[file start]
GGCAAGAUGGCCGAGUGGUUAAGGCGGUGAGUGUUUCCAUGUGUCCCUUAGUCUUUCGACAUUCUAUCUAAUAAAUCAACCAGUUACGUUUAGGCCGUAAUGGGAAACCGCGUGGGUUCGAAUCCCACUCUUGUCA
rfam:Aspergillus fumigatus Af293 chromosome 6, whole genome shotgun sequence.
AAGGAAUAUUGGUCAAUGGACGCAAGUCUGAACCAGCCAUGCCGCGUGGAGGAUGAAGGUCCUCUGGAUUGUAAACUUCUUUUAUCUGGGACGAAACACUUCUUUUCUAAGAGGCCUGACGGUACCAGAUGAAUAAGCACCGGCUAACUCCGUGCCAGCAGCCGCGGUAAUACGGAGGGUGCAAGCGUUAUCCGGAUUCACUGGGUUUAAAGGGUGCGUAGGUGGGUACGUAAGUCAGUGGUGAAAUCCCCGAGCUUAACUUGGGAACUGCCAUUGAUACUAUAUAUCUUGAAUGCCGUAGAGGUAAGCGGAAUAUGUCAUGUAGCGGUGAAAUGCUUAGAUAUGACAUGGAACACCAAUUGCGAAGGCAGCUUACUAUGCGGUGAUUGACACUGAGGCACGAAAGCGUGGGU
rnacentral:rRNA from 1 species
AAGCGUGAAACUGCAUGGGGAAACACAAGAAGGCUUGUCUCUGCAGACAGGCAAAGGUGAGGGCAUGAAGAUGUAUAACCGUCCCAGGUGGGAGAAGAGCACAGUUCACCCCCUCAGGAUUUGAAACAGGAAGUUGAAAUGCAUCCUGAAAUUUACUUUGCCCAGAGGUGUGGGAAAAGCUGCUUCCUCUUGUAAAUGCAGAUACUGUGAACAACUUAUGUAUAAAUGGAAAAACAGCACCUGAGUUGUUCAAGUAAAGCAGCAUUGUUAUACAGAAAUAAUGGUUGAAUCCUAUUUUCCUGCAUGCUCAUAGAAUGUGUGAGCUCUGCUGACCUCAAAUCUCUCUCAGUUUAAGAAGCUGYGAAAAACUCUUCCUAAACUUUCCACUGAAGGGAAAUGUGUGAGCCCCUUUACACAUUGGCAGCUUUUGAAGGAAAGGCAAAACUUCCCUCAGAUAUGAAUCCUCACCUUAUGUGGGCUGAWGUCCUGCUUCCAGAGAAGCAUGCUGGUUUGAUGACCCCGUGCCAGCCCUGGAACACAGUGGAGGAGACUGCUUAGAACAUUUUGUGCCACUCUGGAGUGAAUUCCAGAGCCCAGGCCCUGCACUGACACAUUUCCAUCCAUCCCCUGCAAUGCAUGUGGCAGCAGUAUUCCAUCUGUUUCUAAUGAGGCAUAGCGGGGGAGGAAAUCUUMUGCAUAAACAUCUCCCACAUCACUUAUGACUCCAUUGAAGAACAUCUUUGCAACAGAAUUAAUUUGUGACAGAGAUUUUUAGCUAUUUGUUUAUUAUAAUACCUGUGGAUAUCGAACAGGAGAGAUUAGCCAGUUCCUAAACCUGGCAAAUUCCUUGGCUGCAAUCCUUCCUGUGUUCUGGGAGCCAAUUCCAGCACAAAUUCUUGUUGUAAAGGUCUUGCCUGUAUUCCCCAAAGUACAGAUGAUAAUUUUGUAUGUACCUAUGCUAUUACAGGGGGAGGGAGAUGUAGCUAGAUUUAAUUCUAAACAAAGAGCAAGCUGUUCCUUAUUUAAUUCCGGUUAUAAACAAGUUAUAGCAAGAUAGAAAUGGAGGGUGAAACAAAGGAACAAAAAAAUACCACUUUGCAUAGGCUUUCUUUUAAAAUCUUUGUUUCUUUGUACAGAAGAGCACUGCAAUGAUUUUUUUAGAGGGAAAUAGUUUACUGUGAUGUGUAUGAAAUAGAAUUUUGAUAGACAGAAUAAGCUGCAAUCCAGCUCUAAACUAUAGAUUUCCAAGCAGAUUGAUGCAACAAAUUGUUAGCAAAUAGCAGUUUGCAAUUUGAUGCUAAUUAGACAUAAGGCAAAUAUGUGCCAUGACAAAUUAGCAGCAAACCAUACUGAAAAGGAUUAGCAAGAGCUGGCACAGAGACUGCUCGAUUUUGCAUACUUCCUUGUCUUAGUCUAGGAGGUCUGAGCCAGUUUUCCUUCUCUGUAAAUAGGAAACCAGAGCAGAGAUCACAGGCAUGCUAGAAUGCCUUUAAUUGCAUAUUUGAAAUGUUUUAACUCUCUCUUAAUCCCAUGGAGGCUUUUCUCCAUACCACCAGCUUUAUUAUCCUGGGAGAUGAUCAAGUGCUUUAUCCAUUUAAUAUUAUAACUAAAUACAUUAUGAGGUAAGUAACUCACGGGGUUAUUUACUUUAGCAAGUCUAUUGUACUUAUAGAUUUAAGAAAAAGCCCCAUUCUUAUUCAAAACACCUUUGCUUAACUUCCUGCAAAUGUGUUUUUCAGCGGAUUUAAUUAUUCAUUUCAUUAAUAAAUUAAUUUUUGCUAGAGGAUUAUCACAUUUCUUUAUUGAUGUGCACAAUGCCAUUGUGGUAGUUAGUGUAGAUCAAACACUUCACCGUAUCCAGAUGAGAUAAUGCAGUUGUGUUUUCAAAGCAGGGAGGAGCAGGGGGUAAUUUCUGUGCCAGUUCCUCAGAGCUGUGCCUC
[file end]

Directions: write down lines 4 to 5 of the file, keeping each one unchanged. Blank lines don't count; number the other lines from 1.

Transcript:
rnacentral:rRNA from 1 species
AAGCGUGAAACUGCAUGGGGAAACACAAGAAGGCUUGUCUCUGCAGACAGGCAAAGGUGAGGGCAUGAAGAUGUAUAACCGUCCCAGGUGGGAGAAGAGCACAGUUCACCCCCUCAGGAUUUGAAACAGGAAGUUGAAAUGCAUCCUGAAAUUUACUUUGCCCAGAGGUGUGGGAAAAGCUGCUUCCUCUUGUAAAUGCAGAUACUGUGAACAACUUAUGUAUAAAUGGAAAAACAGCACCUGAGUUGUUCAAGUAAAGCAGCAUUGUUAUACAGAAAUAAUGGUUGAAUCCUAUUUUCCUGCAUGCUCAUAGAAUGUGUGAGCUCUGCUGACCUCAAAUCUCUCUCAGUUUAAGAAGCUGYGAAAAACUCUUCCUAAACUUUCCACUGAAGGGAAAUGUGUGAGCCCCUUUACACAUUGGCAGCUUUUGAAGGAAAGGCAAAACUUCCCUCAGAUAUGAAUCCUCACCUUAUGUGGGCUGAWGUCCUGCUUCCAGAGAAGCAUGCUGGUUUGAUGACCCCGUGCCAGCCCUGGAACACAGUGGAGGAGACUGCUUAGAACAUUUUGUGCCACUCUGGAGUGAAUUCCAGAGCCCAGGCCCUGCACUGACACAUUUCCAUCCAUCCCCUGCAAUGCAUGUGGCAGCAGUAUUCCAUCUGUUUCUAAUGAGGCAUAGCGGGGGAGGAAAUCUUMUGCAUAAACAUCUCCCACAUCACUUAUGACUCCAUUGAAGAACAUCUUUGCAACAGAAUUAAUUUGUGACAGAGAUUUUUAGCUAUUUGUUUAUUAUAAUACCUGUGGAUAUCGAACAGGAGAGAUUAGCCAGUUCCUAAACCUGGCAAAUUCCUUGGCUGCAAUCCUUCCUGUGUUCUGGGAGCCAAUUCCAGCACAAAUUCUUGUUGUAAAGGUCUUGCCUGUAUUCCCCAAAGUACAGAUGAUAAUUUUGUAUGUACCUAUGCUAUUACAGGGGGAGGGAGAUGUAGCUAGAUUUAAUUCUAAACAAAGAGCAAGCUGUUCCUUAUUUAAUUCCGGUUAUAAACAAGUUAUAGCAAGAUAGAAAUGGAGGGUGAAACAAAGGAACAAAAAAAUACCACUUUGCAUAGGCUUUCUUUUAAAAUCUUUGUUUCUUUGUACAGAAGAGCACUGCAAUGAUUUUUUUAGAGGGAAAUAGUUUACUGUGAUGUGUAUGAAAUAGAAUUUUGAUAGACAGAAUAAGCUGCAAUCCAGCUCUAAACUAUAGAUUUCCAAGCAGAUUGAUGCAACAAAUUGUUAGCAAAUAGCAGUUUGCAAUUUGAUGCUAAUUAGACAUAAGGCAAAUAUGUGCCAUGACAAAUUAGCAGCAAACCAUACUGAAAAGGAUUAGCAAGAGCUGGCACAGAGACUGCUCGAUUUUGCAUACUUCCUUGUCUUAGUCUAGGAGGUCUGAGCCAGUUUUCCUUCUCUGUAAAUAGGAAACCAGAGCAGAGAUCACAGGCAUGCUAGAAUGCCUUUAAUUGCAUAUUUGAAAUGUUUUAACUCUCUCUUAAUCCCAUGGAGGCUUUUCUCCAUACCACCAGCUUUAUUAUCCUGGGAGAUGAUCAAGUGCUUUAUCCAUUUAAUAUUAUAACUAAAUACAUUAUGAGGUAAGUAACUCACGGGGUUAUUUACUUUAGCAAGUCUAUUGUACUUAUAGAUUUAAGAAAAAGCCCCAUUCUUAUUCAAAACACCUUUGCUUAACUUCCUGCAAAUGUGUUUUUCAGCGGAUUUAAUUAUUCAUUUCAUUAAUAAAUUAAUUUUUGCUAGAGGAUUAUCACAUUUCUUUAUUGAUGUGCACAAUGCCAUUGUGGUAGUUAGUGUAGAUCAAACACUUCACCGUAUCCAGAUGAGAUAAUGCAGUUGUGUUUUCAAAGCAGGGAGGAGCAGGGGGUAAUUUCUGUGCCAGUUCCUCAGAGCUGUGCCUC